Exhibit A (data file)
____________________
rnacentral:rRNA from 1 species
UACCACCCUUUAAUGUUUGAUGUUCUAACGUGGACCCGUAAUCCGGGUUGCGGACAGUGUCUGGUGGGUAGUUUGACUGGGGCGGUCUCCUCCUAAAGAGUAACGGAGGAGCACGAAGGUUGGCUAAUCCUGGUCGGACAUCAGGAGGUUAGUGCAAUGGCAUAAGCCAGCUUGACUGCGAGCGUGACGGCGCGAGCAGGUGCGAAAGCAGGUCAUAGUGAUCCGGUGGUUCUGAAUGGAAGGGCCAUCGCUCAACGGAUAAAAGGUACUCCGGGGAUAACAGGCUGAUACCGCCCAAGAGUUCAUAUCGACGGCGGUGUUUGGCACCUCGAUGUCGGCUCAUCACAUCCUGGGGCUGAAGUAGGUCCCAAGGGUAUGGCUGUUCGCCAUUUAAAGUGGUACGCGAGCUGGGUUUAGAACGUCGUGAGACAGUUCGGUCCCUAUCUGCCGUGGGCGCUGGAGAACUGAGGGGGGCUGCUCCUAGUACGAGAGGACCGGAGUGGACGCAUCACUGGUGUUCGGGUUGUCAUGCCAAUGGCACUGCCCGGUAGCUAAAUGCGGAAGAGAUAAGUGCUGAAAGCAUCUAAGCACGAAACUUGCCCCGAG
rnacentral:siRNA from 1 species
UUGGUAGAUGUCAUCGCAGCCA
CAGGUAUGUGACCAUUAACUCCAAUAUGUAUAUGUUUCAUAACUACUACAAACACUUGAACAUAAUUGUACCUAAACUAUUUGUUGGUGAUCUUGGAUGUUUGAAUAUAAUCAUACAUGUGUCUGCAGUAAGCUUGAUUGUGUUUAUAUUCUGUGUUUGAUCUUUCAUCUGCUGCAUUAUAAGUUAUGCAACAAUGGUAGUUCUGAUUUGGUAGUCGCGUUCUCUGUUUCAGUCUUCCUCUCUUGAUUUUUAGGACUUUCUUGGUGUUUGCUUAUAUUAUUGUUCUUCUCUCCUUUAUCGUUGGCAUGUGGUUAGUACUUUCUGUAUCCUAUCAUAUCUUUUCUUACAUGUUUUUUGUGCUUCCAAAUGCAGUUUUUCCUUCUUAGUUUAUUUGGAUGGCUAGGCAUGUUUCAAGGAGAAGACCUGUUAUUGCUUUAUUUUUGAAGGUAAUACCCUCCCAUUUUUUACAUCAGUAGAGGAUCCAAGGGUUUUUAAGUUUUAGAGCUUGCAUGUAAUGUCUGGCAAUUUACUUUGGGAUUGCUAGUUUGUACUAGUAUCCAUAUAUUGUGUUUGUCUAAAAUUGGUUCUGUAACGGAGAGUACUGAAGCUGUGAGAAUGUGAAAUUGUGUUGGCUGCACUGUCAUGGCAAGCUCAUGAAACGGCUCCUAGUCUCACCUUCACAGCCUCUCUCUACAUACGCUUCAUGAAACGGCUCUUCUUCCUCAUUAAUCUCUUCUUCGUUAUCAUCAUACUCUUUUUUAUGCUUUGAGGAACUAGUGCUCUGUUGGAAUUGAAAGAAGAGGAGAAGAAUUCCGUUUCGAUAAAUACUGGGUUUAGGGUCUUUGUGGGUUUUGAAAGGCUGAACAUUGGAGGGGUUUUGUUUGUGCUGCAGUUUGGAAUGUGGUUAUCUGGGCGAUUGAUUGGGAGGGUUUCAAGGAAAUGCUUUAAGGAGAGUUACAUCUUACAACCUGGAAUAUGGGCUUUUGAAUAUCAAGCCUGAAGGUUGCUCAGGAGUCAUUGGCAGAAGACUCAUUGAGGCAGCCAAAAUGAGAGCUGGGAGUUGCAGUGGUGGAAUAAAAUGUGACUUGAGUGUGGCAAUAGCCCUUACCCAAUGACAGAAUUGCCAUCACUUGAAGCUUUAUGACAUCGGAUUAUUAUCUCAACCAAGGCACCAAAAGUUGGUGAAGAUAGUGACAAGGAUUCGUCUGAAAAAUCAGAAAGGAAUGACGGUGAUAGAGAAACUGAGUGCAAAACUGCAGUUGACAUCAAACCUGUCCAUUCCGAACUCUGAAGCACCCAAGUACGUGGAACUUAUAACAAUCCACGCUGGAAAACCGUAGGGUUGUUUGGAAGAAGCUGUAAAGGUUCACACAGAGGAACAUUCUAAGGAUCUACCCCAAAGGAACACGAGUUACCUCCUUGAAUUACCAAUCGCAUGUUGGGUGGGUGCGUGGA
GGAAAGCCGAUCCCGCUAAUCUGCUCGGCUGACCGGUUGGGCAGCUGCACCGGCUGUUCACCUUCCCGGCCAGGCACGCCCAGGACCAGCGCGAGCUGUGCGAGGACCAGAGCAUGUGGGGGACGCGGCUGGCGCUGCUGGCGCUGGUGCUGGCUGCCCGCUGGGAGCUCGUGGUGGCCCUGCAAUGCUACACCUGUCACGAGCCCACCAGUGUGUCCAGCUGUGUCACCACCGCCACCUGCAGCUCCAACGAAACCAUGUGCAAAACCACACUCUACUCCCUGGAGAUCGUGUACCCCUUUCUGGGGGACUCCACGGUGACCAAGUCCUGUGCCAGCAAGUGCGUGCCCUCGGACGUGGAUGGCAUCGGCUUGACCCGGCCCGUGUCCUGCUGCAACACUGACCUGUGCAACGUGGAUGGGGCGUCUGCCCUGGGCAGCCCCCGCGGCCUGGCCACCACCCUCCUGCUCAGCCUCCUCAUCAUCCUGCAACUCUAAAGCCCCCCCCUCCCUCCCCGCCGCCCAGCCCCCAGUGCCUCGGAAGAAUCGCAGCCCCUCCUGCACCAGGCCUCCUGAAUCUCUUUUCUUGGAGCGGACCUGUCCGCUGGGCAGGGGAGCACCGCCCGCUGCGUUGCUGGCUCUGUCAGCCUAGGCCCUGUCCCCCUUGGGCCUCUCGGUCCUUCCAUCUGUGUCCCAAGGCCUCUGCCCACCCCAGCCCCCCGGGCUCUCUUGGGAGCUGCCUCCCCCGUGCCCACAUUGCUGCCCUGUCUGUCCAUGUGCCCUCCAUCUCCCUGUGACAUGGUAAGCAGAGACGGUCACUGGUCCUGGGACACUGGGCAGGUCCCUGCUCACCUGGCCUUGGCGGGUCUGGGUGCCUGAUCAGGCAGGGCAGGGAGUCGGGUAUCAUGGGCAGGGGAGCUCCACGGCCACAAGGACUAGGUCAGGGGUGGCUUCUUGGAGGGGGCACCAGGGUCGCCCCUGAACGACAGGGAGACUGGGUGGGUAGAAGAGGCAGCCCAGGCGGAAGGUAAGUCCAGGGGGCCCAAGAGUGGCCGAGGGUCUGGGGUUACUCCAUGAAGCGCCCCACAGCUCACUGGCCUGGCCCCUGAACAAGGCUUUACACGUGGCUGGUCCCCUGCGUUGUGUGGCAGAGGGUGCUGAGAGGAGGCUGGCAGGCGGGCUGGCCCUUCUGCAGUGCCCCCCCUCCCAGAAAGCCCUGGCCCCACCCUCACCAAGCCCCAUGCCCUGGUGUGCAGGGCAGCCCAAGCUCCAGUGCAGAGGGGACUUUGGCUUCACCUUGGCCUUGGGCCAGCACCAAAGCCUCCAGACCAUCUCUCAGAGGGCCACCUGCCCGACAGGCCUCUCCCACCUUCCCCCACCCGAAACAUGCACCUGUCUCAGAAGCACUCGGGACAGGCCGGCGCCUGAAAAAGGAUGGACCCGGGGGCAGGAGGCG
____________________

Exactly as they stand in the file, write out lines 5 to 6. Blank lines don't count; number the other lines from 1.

CAGGUAUGUGACCAUUAACUCCAAUAUGUAUAUGUUUCAUAACUACUACAAACACUUGAACAUAAUUGUACCUAAACUAUUUGUUGGUGAUCUUGGAUGUUUGAAUAUAAUCAUACAUGUGUCUGCAGUAAGCUUGAUUGUGUUUAUAUUCUGUGUUUGAUCUUUCAUCUGCUGCAUUAUAAGUUAUGCAACAAUGGUAGUUCUGAUUUGGUAGUCGCGUUCUCUGUUUCAGUCUUCCUCUCUUGAUUUUUAGGACUUUCUUGGUGUUUGCUUAUAUUAUUGUUCUUCUCUCCUUUAUCGUUGGCAUGUGGUUAGUACUUUCUGUAUCCUAUCAUAUCUUUUCUUACAUGUUUUUUGUGCUUCCAAAUGCAGUUUUUCCUUCUUAGUUUAUUUGGAUGGCUAGGCAUGUUUCAAGGAGAAGACCUGUUAUUGCUUUAUUUUUGAAGGUAAUACCCUCCCAUUUUUUACAUCAGUAGAGGAUCCAAGGGUUUUUAAGUUUUAGAGCUUGCAUGUAAUGUCUGGCAAUUUACUUUGGGAUUGCUAGUUUGUACUAGUAUCCAUAUAUUGUGUUUGUCUAAAAUUGGUUCUGUAACGGAGAGUACUGAAGCUGUGAGAAUGUGAAAUUGUGUUGGCUGCACUGUCAUGGCAAGCUCAUGAAACGGCUCCUAGUCUCACCUUCACAGCCUCUCUCUACAUACGCUUCAUGAAACGGCUCUUCUUCCUCAUUAAUCUCUUCUUCGUUAUCAUCAUACUCUUUUUUAUGCUUUGAGGAACUAGUGCUCUGUUGGAAUUGAAAGAAGAGGAGAAGAAUUCCGUUUCGAUAAAUACUGGGUUUAGGGUCUUUGUGGGUUUUGAAAGGCUGAACAUUGGAGGGGUUUUGUUUGUGCUGCAGUUUGGAAUGUGGUUAUCUGGGCGAUUGAUUGGGAGGGUUUCAAGGAAAUGCUUUAAGGAGAGUUACAUCUUACAACCUGGAAUAUGGGCUUUUGAAUAUCAAGCCUGAAGGUUGCUCAGGAGUCAUUGGCAGAAGACUCAUUGAGGCAGCCAAAAUGAGAGCUGGGAGUUGCAGUGGUGGAAUAAAAUGUGACUUGAGUGUGGCAAUAGCCCUUACCCAAUGACAGAAUUGCCAUCACUUGAAGCUUUAUGACAUCGGAUUAUUAUCUCAACCAAGGCACCAAAAGUUGGUGAAGAUAGUGACAAGGAUUCGUCUGAAAAAUCAGAAAGGAAUGACGGUGAUAGAGAAACUGAGUGCAAAACUGCAGUUGACAUCAAACCUGUCCAUUCCGAACUCUGAAGCACCCAAGUACGUGGAACUUAUAACAAUCCACGCUGGAAAACCGUAGGGUUGUUUGGAAGAAGCUGUAAAGGUUCACACAGAGGAACAUUCUAAGGAUCUACCCCAAAGGAACACGAGUUACCUCCUUGAAUUACCAAUCGCAUGUUGGGUGGGUGCGUGGA
GGAAAGCCGAUCCCGCUAAUCUGCUCGGCUGACCGGUUGGGCAGCUGCACCGGCUGUUCACCUUCCCGGCCAGGCACGCCCAGGACCAGCGCGAGCUGUGCGAGGACCAGAGCAUGUGGGGGACGCGGCUGGCGCUGCUGGCGCUGGUGCUGGCUGCCCGCUGGGAGCUCGUGGUGGCCCUGCAAUGCUACACCUGUCACGAGCCCACCAGUGUGUCCAGCUGUGUCACCACCGCCACCUGCAGCUCCAACGAAACCAUGUGCAAAACCACACUCUACUCCCUGGAGAUCGUGUACCCCUUUCUGGGGGACUCCACGGUGACCAAGUCCUGUGCCAGCAAGUGCGUGCCCUCGGACGUGGAUGGCAUCGGCUUGACCCGGCCCGUGUCCUGCUGCAACACUGACCUGUGCAACGUGGAUGGGGCGUCUGCCCUGGGCAGCCCCCGCGGCCUGGCCACCACCCUCCUGCUCAGCCUCCUCAUCAUCCUGCAACUCUAAAGCCCCCCCCUCCCUCCCCGCCGCCCAGCCCCCAGUGCCUCGGAAGAAUCGCAGCCCCUCCUGCACCAGGCCUCCUGAAUCUCUUUUCUUGGAGCGGACCUGUCCGCUGGGCAGGGGAGCACCGCCCGCUGCGUUGCUGGCUCUGUCAGCCUAGGCCCUGUCCCCCUUGGGCCUCUCGGUCCUUCCAUCUGUGUCCCAAGGCCUCUGCCCACCCCAGCCCCCCGGGCUCUCUUGGGAGCUGCCUCCCCCGUGCCCACAUUGCUGCCCUGUCUGUCCAUGUGCCCUCCAUCUCCCUGUGACAUGGUAAGCAGAGACGGUCACUGGUCCUGGGACACUGGGCAGGUCCCUGCUCACCUGGCCUUGGCGGGUCUGGGUGCCUGAUCAGGCAGGGCAGGGAGUCGGGUAUCAUGGGCAGGGGAGCUCCACGGCCACAAGGACUAGGUCAGGGGUGGCUUCUUGGAGGGGGCACCAGGGUCGCCCCUGAACGACAGGGAGACUGGGUGGGUAGAAGAGGCAGCCCAGGCGGAAGGUAAGUCCAGGGGGCCCAAGAGUGGCCGAGGGUCUGGGGUUACUCCAUGAAGCGCCCCACAGCUCACUGGCCUGGCCCCUGAACAAGGCUUUACACGUGGCUGGUCCCCUGCGUUGUGUGGCAGAGGGUGCUGAGAGGAGGCUGGCAGGCGGGCUGGCCCUUCUGCAGUGCCCCCCCUCCCAGAAAGCCCUGGCCCCACCCUCACCAAGCCCCAUGCCCUGGUGUGCAGGGCAGCCCAAGCUCCAGUGCAGAGGGGACUUUGGCUUCACCUUGGCCUUGGGCCAGCACCAAAGCCUCCAGACCAUCUCUCAGAGGGCCACCUGCCCGACAGGCCUCUCCCACCUUCCCCCACCCGAAACAUGCACCUGUCUCAGAAGCACUCGGGACAGGCCGGCGCCUGAAAAAGGAUGGACCCGGGGGCAGGAGGCG